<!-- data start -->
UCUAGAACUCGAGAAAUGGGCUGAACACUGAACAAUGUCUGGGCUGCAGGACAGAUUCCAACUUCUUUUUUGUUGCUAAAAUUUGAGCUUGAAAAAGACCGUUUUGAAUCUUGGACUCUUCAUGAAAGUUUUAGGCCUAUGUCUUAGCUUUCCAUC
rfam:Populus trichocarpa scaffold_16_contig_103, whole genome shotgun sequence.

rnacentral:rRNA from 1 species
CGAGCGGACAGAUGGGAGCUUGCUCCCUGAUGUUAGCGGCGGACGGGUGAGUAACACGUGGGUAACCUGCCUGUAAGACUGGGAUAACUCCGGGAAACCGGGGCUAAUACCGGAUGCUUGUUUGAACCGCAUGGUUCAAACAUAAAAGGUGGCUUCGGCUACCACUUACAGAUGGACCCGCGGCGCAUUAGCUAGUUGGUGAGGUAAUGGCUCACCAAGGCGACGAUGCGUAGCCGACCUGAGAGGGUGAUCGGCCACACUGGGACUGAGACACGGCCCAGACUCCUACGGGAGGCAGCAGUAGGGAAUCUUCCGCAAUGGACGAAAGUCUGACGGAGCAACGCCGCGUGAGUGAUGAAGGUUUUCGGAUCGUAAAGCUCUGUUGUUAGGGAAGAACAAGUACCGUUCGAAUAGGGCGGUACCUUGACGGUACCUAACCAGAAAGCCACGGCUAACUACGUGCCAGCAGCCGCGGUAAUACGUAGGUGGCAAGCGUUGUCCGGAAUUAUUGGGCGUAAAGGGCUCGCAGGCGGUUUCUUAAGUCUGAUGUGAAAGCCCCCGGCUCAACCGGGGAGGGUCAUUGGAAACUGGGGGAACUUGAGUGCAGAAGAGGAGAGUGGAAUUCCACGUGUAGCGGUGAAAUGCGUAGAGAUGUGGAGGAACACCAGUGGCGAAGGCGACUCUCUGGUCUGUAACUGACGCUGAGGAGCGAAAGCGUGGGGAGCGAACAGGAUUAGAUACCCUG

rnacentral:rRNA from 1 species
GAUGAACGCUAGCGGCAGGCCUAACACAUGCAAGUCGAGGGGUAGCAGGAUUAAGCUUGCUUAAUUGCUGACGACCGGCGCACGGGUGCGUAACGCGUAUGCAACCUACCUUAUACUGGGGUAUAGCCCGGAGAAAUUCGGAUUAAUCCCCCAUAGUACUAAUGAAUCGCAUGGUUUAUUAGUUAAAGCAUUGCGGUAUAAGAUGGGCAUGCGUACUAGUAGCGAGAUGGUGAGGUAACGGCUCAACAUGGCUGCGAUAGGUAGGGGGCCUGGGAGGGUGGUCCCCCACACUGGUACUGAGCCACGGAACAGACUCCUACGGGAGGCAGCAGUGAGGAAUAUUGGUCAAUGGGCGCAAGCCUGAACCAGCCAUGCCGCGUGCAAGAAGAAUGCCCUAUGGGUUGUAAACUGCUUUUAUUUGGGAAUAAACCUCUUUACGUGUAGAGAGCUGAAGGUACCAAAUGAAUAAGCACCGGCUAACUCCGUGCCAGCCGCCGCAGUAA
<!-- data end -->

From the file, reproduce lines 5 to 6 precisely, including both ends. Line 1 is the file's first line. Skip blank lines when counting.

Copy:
rnacentral:rRNA from 1 species
GAUGAACGCUAGCGGCAGGCCUAACACAUGCAAGUCGAGGGGUAGCAGGAUUAAGCUUGCUUAAUUGCUGACGACCGGCGCACGGGUGCGUAACGCGUAUGCAACCUACCUUAUACUGGGGUAUAGCCCGGAGAAAUUCGGAUUAAUCCCCCAUAGUACUAAUGAAUCGCAUGGUUUAUUAGUUAAAGCAUUGCGGUAUAAGAUGGGCAUGCGUACUAGUAGCGAGAUGGUGAGGUAACGGCUCAACAUGGCUGCGAUAGGUAGGGGGCCUGGGAGGGUGGUCCCCCACACUGGUACUGAGCCACGGAACAGACUCCUACGGGAGGCAGCAGUGAGGAAUAUUGGUCAAUGGGCGCAAGCCUGAACCAGCCAUGCCGCGUGCAAGAAGAAUGCCCUAUGGGUUGUAAACUGCUUUUAUUUGGGAAUAAACCUCUUUACGUGUAGAGAGCUGAAGGUACCAAAUGAAUAAGCACCGGCUAACUCCGUGCCAGCCGCCGCAGUAA